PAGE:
A Change of Mind (Cast Iron, Soap and the Messiah)

When I first started cooking in camp, I was taught the “proper” way to care for cast iron pans. I was told that it was strictly forbidden to wash cast iron with soap, as it would take the seasoning off the pans. I embraced this instruction wholeheartedly, because what they said made sense to me. Soap is a de-greaser and since the seasoning on the pans was oil rubbed in to the iron, it made complete sense therefore to not wash the cast iron in the soapy water because it would take the grease off the pan and damage the seasoning that protected the pan.

I became an ambassador for the proper way of taking care of cast iron. I preached to my mom, who for years had been washing her pans in soapy water. I taught this to my cook’s assistants over the years and I educated people that I came across along the way who were caring for their cast iron wrongly.   I was sincere in my efforts and genuinely believed everything I was telling people about their cast iron pans, just as I was religious in following the rules myself.

Then I came across some science that revolutionized my way of thinking. Apparently it’s a myth that you shouldn’t wash cast iron pans in soapy water, because even though the soap is a de-greaser and the seasoning is comprised of grease, the grease or oil on the pan has been polymerized. In plain English, the oil has been broken down or changed into a plastic-like material that has bonded with the surface metal of the pan. It is this thin layer of hardened oil/plastic that coasts the pan and gives it it’s non-stick properties; and since it is no longer grease covering the pan it will no longer be affected by the soapy de-greaser.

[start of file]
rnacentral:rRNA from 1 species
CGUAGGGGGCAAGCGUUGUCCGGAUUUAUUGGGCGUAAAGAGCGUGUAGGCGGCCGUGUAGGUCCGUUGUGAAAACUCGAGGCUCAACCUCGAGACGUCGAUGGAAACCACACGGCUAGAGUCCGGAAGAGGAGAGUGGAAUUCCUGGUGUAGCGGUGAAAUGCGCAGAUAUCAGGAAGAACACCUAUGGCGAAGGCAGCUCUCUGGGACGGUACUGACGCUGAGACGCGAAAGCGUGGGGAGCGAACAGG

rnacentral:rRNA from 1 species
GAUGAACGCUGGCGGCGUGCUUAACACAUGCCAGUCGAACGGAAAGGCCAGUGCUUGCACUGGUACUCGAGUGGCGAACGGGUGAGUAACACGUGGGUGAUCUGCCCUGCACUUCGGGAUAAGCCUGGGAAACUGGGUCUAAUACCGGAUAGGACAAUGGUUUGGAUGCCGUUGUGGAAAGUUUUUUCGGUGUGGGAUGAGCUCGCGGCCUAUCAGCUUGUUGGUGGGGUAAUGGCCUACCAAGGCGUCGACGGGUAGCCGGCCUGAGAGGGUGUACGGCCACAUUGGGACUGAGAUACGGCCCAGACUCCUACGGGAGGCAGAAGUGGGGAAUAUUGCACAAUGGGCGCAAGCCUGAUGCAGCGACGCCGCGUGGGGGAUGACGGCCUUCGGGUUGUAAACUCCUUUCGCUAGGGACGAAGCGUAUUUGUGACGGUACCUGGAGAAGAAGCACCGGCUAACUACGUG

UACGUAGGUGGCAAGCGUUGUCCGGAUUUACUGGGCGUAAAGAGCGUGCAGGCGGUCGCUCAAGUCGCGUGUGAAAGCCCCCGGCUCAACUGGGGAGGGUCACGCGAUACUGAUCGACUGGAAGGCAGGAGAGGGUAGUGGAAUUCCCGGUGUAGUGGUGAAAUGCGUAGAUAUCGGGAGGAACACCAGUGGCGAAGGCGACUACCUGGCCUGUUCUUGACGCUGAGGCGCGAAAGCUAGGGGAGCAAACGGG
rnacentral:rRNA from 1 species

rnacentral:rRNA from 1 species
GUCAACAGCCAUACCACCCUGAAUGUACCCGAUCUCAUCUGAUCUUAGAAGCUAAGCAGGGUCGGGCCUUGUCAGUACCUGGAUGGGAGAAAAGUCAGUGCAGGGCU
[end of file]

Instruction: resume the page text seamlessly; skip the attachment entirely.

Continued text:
Lightbulb! Whoo hoo! No longer have to stick to the rigid rules of no cast iron in the soapy water! Freedom! And so instead of struggling to scrub out a dirty pan with plain water, I find myself giving it a proper good scrub-out with soap and getting a nice clean pan before I dry it off and re-oil it.

The funny thing was, recently I was “caught” by someone I had taught about cast iron years ago. They were watching me wash my pan in soapy water and the horror on their face was so funny and yet, I knew exactly what they were thinking, because not long ago I had been there. I had to tell them I had changed my stance and why, and I’m not sure if they got it or not and if it’ll change their “life” like it had mine, but hey, I’d done my part.